You’re 10 minutes into a job interview. You’ve had a bit of small talk and run over the basics of your resume. Then the interviewer leans back and asks a question that begins the dreaded phrase: “Tell me about a time when…” Who knows what will follow? “When you overcame a professional challenge.” “When you managed workplace conflict.” “When you slew a wild unicorn.”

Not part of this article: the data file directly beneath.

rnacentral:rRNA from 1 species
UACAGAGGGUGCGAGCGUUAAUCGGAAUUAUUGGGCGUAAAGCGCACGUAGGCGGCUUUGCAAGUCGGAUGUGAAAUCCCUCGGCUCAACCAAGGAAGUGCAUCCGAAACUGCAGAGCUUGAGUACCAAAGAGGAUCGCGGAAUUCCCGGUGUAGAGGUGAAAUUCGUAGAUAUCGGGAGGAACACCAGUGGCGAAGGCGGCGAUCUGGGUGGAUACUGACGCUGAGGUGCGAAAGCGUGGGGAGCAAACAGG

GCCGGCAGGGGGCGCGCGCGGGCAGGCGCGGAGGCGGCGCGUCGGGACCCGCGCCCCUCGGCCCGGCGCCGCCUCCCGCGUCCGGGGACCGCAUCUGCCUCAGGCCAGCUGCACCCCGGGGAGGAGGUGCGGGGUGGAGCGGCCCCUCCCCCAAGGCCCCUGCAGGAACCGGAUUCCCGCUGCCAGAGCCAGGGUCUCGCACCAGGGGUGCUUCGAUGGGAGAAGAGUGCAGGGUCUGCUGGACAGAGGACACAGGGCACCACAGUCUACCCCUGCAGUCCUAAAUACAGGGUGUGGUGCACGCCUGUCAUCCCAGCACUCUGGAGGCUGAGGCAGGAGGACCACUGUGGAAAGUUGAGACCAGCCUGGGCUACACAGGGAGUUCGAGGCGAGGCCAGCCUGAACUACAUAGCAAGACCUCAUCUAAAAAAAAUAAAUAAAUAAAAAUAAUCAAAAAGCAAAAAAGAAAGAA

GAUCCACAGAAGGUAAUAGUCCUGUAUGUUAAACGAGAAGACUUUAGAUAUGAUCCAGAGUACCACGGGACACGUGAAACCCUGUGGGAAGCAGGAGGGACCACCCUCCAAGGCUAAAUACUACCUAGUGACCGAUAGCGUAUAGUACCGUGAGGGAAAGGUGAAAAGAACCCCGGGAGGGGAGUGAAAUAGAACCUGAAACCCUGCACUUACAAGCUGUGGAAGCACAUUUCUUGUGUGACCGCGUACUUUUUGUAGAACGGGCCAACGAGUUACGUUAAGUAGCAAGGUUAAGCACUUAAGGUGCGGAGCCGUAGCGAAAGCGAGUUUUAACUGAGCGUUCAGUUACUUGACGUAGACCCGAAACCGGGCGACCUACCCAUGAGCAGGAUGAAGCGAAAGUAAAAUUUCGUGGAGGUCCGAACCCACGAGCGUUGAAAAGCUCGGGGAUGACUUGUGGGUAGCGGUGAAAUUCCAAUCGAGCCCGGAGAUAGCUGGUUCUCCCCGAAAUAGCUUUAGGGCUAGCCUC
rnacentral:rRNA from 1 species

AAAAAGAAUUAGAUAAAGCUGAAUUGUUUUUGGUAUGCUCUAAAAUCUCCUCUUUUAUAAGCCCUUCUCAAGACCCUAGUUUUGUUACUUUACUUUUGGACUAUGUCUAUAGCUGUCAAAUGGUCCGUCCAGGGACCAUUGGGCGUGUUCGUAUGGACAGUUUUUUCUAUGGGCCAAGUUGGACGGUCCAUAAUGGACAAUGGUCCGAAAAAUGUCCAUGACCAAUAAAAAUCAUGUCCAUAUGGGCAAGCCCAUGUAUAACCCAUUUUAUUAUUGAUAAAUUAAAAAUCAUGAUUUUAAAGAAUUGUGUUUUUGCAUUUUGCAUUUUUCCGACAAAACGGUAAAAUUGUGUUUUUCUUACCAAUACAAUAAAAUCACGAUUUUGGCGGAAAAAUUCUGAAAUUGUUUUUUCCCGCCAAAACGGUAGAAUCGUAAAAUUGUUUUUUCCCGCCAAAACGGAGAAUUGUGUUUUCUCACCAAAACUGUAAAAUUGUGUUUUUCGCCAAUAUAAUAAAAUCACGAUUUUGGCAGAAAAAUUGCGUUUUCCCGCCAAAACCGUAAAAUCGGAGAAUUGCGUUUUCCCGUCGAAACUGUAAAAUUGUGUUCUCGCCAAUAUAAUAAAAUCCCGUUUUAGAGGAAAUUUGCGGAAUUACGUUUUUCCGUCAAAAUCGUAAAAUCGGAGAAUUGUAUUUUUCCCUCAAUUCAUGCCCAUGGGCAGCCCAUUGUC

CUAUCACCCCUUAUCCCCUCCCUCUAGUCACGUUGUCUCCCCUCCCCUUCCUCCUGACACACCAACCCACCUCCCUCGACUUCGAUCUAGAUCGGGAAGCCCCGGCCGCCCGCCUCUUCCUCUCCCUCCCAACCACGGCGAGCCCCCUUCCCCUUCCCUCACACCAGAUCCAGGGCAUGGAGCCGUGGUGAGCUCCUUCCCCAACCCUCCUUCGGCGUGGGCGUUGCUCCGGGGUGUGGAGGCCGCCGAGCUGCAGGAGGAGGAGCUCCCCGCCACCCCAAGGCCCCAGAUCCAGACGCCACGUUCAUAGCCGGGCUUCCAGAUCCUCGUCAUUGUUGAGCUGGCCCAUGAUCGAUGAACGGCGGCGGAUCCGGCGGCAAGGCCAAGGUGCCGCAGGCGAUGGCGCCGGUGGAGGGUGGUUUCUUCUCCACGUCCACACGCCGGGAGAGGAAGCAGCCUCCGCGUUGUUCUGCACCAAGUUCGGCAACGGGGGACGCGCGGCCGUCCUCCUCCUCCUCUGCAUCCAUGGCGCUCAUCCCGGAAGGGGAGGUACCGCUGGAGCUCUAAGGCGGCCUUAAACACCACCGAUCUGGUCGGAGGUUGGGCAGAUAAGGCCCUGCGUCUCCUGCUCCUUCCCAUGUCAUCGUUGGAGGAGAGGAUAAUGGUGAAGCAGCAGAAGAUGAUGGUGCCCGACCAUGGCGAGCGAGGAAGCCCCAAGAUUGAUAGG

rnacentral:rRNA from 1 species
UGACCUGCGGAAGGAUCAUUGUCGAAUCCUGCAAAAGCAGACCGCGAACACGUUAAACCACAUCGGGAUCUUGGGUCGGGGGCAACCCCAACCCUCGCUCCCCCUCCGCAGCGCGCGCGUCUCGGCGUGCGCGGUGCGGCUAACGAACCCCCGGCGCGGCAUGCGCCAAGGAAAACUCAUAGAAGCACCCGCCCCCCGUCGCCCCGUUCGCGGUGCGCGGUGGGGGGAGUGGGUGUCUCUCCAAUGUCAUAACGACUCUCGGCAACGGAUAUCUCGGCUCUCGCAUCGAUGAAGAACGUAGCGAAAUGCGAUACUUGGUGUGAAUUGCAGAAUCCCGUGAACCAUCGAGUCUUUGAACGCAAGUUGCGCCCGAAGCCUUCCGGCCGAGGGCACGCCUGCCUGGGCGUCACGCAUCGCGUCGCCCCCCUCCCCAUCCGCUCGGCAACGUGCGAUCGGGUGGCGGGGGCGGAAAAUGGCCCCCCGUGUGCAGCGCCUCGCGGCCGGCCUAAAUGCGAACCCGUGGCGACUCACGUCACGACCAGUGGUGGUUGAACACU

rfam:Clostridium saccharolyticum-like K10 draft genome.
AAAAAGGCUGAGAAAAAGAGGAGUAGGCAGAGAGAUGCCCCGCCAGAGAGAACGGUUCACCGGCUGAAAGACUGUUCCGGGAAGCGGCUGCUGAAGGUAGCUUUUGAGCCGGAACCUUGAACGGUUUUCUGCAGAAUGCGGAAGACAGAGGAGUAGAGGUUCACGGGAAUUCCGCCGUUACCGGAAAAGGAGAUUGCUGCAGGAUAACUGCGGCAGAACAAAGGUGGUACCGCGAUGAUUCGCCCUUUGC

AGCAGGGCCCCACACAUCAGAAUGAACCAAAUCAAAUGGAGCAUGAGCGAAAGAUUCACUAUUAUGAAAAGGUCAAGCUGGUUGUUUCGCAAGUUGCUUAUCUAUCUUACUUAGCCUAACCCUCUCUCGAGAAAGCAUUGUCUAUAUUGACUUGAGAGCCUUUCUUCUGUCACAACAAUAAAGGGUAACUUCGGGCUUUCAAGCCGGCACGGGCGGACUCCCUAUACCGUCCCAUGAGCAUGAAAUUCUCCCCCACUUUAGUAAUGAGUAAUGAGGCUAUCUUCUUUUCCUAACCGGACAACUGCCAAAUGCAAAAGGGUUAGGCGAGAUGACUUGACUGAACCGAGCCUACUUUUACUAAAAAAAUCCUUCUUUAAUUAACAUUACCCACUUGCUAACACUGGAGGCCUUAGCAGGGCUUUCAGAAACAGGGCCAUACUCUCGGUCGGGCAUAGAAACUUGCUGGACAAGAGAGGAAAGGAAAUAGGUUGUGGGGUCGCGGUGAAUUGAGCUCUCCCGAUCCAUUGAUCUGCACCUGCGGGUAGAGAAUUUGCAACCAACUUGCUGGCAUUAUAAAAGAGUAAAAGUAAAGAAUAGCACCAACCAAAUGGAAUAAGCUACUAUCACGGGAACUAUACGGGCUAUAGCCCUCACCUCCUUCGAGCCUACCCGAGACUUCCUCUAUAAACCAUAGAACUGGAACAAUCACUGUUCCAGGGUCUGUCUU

Behavioral questions like these are among hiring managers’ favorite interview tactics. They’re meant to offer unique insight into a potential employee’s personality and how a person might fit into company culture. But according to Adam Grant, an organizational psychologist, professor at the Wharton School of the University of Pennsylvania, and author of the book Originals, these ubiquitous questions are unfair to job applicants—and ineffective to boot.
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